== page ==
“The love of our neighbour is inseparably connected with the love of our God” by Herman Witsius

“What we have proved concerning the love of God, the summary of the first table of the law; namely, that it is good in nature; might be also proved from the summary of the second table, the love of our neighbour.

For he who loves God cannot but love His image too, in which he clearly views express characters of the Deity, and not a small degree of the brightness of His glory.

Again, whoever loves God will, by virtue of that love, seriously wish, desire, study, and as much as in him lies be careful, that his neighbour, as well as himself, be under God, in God, and for God, and all he has be for His glory.

Again, whoever loves God will make it his business that God may appear every way admirable and glorious; and as He appears such most eminently in the sanctification and happiness of men, (2 Thess. 1:10), he will exert himself to the utmost that his neighbour make advances to holiness and happiness.

Finally, whoever sincerely loves God will never think he loves and glorifies Him enough; such excellencies he discovers in Him, sees His name so illustrious, and so exalted above all praise, as to long that all mankind, nay all creatures, should join him in loving and celebrating the infinite perfections of God.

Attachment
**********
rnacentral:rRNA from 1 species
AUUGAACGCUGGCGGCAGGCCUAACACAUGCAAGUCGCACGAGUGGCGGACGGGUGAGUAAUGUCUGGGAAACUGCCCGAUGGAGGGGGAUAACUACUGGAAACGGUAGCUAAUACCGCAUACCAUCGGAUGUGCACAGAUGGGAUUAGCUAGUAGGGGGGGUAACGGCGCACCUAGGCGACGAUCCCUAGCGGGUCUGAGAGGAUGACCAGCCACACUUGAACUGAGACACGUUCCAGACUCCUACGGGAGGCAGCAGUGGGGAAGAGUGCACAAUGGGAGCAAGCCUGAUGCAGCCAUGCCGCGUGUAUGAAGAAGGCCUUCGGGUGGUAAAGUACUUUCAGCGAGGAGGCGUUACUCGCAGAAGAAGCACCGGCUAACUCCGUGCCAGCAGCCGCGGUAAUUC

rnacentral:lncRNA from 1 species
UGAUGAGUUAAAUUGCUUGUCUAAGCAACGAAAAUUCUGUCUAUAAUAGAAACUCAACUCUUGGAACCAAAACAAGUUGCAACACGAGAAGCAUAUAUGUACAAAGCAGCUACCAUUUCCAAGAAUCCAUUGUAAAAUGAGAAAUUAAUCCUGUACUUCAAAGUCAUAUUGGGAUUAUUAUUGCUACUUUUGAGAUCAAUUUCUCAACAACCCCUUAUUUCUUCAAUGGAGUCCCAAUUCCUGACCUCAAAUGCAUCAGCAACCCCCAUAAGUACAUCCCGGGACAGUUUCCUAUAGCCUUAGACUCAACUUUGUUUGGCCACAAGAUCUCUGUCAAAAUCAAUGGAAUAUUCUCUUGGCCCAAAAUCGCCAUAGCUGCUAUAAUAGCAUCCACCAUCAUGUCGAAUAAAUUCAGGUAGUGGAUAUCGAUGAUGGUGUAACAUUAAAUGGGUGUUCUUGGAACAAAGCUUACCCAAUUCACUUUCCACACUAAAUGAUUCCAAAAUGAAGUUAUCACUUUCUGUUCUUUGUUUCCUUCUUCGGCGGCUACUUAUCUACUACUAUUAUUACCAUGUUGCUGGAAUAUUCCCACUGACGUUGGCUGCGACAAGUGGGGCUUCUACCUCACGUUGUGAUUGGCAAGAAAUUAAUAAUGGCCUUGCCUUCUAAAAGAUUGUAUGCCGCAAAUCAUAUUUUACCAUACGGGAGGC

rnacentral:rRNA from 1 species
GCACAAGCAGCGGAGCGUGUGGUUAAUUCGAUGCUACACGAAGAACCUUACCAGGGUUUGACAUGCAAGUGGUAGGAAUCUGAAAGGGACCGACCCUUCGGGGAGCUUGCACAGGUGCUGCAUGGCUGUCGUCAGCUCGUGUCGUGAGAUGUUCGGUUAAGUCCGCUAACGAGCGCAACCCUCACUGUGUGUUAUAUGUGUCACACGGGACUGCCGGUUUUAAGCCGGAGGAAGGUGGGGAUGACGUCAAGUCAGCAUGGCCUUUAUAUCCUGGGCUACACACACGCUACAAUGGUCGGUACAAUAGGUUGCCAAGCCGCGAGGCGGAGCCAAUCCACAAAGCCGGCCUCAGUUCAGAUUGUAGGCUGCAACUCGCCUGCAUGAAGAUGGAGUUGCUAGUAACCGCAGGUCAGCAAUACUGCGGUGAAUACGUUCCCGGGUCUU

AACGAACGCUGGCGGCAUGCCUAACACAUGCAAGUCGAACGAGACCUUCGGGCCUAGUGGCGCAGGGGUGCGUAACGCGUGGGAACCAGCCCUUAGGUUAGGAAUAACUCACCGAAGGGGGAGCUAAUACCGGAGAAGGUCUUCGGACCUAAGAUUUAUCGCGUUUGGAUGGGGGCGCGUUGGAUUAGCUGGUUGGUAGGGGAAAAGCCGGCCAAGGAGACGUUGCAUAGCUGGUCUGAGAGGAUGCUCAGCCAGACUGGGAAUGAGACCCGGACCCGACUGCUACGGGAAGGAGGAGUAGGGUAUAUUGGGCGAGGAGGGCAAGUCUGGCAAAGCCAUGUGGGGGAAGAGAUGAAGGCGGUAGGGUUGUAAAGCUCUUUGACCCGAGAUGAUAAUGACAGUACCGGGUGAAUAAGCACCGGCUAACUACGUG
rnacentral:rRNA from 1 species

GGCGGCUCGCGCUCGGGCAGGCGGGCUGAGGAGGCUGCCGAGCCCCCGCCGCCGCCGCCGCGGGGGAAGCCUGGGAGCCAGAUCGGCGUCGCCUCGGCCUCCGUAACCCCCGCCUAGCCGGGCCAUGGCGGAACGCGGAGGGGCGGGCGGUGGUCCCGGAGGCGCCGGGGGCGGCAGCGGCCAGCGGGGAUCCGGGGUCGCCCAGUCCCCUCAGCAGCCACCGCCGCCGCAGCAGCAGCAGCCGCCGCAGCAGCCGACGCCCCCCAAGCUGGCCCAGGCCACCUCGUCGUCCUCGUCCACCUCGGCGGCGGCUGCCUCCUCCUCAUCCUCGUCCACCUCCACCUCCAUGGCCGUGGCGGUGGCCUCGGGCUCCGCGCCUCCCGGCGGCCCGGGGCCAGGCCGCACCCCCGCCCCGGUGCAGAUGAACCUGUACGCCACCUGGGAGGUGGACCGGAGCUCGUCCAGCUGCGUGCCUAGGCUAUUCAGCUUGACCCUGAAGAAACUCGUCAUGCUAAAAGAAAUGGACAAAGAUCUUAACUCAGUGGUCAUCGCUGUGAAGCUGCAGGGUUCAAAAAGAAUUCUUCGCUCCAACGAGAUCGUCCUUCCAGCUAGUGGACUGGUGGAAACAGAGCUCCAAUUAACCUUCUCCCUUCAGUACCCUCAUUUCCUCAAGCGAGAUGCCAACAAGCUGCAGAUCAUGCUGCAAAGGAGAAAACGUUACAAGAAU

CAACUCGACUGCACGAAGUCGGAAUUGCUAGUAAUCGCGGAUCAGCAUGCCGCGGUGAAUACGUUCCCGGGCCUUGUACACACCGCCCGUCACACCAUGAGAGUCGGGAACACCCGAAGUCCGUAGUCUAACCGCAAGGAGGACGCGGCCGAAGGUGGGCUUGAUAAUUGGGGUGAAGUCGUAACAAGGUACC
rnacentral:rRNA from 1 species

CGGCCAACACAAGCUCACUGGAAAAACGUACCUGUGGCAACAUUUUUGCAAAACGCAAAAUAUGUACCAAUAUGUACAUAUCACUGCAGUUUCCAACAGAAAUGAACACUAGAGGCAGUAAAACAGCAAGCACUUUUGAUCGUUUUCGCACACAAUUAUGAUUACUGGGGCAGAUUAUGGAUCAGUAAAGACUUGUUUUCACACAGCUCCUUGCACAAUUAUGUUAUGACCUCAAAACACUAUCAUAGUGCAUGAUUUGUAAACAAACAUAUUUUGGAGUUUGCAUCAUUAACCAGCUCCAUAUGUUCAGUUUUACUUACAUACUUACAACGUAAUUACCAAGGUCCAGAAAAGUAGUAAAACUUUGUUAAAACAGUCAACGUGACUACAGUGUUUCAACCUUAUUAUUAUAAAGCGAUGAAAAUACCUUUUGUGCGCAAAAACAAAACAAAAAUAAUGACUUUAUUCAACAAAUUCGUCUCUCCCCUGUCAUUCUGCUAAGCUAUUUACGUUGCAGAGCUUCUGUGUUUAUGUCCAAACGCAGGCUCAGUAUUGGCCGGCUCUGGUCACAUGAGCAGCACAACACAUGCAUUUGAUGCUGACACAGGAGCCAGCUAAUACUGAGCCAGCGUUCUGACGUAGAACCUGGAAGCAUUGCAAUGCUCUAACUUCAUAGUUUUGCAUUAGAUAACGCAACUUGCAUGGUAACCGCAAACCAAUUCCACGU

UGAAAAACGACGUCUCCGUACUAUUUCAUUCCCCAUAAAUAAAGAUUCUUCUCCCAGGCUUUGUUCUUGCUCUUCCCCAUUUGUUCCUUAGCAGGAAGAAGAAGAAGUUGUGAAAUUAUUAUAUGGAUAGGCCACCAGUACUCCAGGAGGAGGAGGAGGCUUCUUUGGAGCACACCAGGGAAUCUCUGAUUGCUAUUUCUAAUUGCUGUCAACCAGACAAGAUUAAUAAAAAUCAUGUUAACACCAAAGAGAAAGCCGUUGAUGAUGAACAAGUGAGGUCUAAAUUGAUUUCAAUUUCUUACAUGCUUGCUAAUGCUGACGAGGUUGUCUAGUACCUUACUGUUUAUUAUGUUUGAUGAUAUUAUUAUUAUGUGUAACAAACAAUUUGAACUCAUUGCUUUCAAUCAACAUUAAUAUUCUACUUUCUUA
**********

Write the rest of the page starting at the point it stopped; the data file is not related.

But this is the most faithful and pure love of our neighbour, to seek that God may be glorified in him, and he himself be for the glory of God.

Hence it appears, that the love of our neighbour is inseparably connected with the love of God.

If, therefore, it flows from the nature of God, to enjoin us the love of Himself, as was just proved; it must likewise flow from the nature of God, to enjoin us the love of our neighbour.”

–Herman Witsius, The Economy of the Covenants Between God and Man, Volume 1 (Grand Rapids, MI: Reformation Heritage, 1681/2021), 1: 43–44.

Leave a comment

Filed under Bible, Christian Theology, Herman Witsius, Jesus Christ, Pierced For Our Transgressions, Preaching, Puritanical, Quotable Quotes, Sanctification, The Gospel

“The special end of the covenant of grace” by Herman Witsius